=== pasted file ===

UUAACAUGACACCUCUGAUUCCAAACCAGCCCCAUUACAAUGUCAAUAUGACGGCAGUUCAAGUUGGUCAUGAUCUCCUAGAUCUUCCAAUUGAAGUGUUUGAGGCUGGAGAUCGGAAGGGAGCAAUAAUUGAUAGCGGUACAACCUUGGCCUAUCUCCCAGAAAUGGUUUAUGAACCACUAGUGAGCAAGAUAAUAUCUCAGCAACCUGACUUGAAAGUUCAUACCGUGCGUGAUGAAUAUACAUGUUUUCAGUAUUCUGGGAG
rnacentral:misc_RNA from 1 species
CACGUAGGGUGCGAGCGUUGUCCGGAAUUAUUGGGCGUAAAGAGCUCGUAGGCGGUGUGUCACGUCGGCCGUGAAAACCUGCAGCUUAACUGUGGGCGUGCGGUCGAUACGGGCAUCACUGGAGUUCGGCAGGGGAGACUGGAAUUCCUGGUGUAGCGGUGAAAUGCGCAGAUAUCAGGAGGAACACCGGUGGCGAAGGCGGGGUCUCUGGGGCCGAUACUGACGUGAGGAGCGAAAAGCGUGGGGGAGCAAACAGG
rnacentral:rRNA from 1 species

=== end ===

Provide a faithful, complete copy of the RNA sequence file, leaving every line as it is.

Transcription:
UUAACAUGACACCUCUGAUUCCAAACCAGCCCCAUUACAAUGUCAAUAUGACGGCAGUUCAAGUUGGUCAUGAUCUCCUAGAUCUUCCAAUUGAAGUGUUUGAGGCUGGAGAUCGGAAGGGAGCAAUAAUUGAUAGCGGUACAACCUUGGCCUAUCUCCCAGAAAUGGUUUAUGAACCACUAGUGAGCAAGAUAAUAUCUCAGCAACCUGACUUGAAAGUUCAUACCGUGCGUGAUGAAUAUACAUGUUUUCAGUAUUCUGGGAG
rnacentral:misc_RNA from 1 species
CACGUAGGGUGCGAGCGUUGUCCGGAAUUAUUGGGCGUAAAGAGCUCGUAGGCGGUGUGUCACGUCGGCCGUGAAAACCUGCAGCUUAACUGUGGGCGUGCGGUCGAUACGGGCAUCACUGGAGUUCGGCAGGGGAGACUGGAAUUCCUGGUGUAGCGGUGAAAUGCGCAGAUAUCAGGAGGAACACCGGUGGCGAAGGCGGGGUCUCUGGGGCCGAUACUGACGUGAGGAGCGAAAAGCGUGGGGGAGCAAACAGG
rnacentral:rRNA from 1 species